My newest novel, The Tin Box, takes place in the Jelley’s Valley State Insane Asylum. Although that institution is fictional, it was inspired by a very real place: the Insane Asylum of California at Stockton. The Stockton facility was built in 1853 and was once the largest mental hospital in California. It closed in 1996 and is now used for a variety of purposes, including a university campus.
You can see some historic images here. Here’s a recent photo of one of the main buildings:
Here’s a side entrance to that same building:
This is the house where the superintendents lived:
Some people find the place kind of spooky. There are stories that it’s haunted. I’ve been there at night when I was almost alone (and I was once briefly locked in the morgue!), but I find it more sad than scary. The corridors are very long. This blurry photo gives a vague concept of what I mean:
There are numerous courtyards. These courtyards have trees and decorative tile, and recently patio furniture has been added. But you can still see the bars on the windows and they still seem lonely to me.
Thousands of people passed through this facility over the decades. Some had family who loved them, and some were eventually able to return home. But thousands died and were buried there. Some of the graves were marked, but many weren’t. During a construction project several years ago, bodies were accidentally exhumed. It’s impossible to know who is buried there, and where, because records were poorly kept or lost. There’s a memorial there today.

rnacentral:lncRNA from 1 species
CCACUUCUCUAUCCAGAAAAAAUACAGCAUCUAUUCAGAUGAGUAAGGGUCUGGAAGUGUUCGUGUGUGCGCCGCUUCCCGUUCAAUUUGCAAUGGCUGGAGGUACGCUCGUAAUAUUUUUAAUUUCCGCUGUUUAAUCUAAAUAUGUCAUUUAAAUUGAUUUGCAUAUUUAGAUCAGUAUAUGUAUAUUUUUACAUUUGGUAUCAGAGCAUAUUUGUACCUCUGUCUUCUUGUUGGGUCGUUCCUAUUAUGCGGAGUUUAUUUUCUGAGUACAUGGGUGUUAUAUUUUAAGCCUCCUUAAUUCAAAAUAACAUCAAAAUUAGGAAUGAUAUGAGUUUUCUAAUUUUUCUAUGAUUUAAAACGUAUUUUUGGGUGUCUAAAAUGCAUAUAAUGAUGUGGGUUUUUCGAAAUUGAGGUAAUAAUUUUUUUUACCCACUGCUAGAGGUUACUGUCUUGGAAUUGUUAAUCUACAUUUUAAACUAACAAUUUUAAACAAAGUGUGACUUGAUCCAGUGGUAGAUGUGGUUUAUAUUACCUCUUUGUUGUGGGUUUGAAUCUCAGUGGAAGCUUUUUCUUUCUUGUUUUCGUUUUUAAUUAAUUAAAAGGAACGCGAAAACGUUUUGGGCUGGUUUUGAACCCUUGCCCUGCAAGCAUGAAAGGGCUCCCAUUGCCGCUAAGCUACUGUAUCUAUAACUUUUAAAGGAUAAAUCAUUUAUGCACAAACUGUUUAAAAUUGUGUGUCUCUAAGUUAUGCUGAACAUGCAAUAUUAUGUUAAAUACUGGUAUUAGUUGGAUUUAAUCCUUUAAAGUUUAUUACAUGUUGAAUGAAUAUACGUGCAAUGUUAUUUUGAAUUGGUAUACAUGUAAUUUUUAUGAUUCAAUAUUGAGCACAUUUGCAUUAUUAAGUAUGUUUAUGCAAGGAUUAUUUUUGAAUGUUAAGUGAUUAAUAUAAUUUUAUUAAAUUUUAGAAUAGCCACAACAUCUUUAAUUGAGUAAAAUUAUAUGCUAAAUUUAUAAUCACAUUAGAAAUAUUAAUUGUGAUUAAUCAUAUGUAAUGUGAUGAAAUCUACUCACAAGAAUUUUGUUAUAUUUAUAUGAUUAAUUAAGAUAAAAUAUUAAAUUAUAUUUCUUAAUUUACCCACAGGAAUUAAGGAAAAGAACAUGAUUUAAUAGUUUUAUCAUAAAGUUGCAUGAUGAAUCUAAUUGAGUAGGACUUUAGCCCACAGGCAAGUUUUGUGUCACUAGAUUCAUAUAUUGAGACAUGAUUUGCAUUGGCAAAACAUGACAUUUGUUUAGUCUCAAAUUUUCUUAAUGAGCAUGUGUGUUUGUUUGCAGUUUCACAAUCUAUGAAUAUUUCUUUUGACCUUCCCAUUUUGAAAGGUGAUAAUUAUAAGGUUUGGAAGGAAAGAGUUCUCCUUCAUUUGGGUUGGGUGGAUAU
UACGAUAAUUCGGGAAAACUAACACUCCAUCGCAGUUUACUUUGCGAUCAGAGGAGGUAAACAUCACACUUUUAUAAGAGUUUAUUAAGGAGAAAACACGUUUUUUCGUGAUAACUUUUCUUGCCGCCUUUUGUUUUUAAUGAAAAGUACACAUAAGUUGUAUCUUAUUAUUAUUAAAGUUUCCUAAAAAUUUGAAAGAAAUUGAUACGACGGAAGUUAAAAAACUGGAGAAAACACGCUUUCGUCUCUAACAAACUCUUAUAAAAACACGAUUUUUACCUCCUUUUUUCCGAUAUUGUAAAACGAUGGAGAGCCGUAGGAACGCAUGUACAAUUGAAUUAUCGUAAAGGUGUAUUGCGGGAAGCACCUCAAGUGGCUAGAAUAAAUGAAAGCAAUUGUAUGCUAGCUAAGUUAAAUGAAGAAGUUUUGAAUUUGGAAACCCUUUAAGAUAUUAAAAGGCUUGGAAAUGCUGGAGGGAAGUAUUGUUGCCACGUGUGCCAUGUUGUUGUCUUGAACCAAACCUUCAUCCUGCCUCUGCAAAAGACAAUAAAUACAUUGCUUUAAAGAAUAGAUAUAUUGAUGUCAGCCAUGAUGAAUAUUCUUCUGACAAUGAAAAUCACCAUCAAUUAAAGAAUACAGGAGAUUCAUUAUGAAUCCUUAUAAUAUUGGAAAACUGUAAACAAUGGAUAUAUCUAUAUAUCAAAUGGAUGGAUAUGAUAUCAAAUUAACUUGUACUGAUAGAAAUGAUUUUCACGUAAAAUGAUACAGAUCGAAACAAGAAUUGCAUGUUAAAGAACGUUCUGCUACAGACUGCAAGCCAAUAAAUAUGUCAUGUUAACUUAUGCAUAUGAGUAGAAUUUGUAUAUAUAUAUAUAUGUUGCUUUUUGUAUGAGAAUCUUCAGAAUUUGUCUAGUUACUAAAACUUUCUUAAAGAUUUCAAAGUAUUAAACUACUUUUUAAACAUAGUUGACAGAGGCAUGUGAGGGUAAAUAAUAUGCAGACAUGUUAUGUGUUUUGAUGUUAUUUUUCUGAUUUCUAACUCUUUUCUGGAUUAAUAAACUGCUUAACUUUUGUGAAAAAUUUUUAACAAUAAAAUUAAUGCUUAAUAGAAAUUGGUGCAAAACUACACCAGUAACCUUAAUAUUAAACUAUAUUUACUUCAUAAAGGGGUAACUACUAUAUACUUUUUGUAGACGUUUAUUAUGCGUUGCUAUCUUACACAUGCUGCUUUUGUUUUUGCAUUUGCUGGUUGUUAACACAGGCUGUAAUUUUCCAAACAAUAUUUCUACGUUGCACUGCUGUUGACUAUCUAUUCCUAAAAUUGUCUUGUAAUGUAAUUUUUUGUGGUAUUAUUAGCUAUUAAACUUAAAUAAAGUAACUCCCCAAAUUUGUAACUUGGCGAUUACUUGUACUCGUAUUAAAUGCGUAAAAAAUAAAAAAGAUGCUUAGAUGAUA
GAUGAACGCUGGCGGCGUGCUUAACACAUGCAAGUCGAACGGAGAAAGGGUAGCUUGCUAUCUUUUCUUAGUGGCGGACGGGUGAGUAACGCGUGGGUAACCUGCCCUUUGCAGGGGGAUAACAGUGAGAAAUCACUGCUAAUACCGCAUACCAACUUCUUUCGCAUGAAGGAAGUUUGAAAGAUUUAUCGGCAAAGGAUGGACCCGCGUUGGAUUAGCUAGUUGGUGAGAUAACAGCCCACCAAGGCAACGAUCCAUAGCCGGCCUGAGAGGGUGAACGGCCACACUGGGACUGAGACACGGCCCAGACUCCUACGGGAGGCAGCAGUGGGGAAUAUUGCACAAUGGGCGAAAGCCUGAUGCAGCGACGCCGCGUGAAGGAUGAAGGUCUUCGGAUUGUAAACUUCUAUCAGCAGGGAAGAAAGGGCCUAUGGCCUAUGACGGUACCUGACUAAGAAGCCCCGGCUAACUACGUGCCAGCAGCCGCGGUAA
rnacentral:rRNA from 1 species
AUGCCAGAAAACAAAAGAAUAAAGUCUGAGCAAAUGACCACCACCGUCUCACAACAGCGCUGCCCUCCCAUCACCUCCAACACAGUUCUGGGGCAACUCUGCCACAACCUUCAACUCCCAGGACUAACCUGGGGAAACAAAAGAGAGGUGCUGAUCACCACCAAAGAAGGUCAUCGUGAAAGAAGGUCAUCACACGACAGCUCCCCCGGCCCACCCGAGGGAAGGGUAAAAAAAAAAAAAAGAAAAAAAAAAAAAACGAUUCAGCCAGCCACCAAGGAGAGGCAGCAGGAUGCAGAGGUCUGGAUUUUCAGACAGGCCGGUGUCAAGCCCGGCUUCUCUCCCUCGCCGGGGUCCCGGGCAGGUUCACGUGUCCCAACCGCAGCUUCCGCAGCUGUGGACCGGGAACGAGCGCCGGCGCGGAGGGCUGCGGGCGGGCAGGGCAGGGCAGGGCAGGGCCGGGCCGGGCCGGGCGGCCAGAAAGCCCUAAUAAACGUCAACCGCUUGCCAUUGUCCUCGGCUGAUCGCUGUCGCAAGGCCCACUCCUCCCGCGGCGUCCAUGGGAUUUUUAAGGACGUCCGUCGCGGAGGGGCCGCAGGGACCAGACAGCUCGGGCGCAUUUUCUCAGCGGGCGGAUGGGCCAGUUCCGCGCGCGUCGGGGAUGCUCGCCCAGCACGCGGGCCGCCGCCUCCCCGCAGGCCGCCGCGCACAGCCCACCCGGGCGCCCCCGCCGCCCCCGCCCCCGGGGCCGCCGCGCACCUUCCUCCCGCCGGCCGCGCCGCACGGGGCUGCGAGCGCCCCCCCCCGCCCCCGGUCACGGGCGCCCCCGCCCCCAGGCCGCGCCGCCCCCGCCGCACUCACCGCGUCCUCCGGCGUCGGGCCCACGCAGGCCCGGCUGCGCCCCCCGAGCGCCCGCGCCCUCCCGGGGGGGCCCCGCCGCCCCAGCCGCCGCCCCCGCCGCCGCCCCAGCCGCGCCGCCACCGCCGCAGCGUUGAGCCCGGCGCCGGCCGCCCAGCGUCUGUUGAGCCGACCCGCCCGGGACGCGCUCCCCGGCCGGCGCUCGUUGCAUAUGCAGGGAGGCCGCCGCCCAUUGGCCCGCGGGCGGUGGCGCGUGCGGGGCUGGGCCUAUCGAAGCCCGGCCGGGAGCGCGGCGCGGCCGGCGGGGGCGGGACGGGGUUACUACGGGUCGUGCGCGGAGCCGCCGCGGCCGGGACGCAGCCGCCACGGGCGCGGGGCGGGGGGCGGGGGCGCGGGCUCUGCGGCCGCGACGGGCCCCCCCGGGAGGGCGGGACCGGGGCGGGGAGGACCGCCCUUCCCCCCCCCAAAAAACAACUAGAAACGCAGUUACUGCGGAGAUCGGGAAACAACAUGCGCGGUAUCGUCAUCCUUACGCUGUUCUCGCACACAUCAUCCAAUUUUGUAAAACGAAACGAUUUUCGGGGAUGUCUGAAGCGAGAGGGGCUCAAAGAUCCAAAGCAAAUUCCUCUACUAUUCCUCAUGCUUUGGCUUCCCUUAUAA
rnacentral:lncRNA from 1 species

When I’ve walked the corridors in Stockton, I couldn’t help but think of how many lives were wasted–spent in misery and deprivation–because people suffered from illnesses with no effective treatments. There are still a great many problems with the way mental illness is dealt with in our society, but we’ve come a long way from the days of hopelessness.
Here are some more links on the Stockton facility:
Next week: historic treatments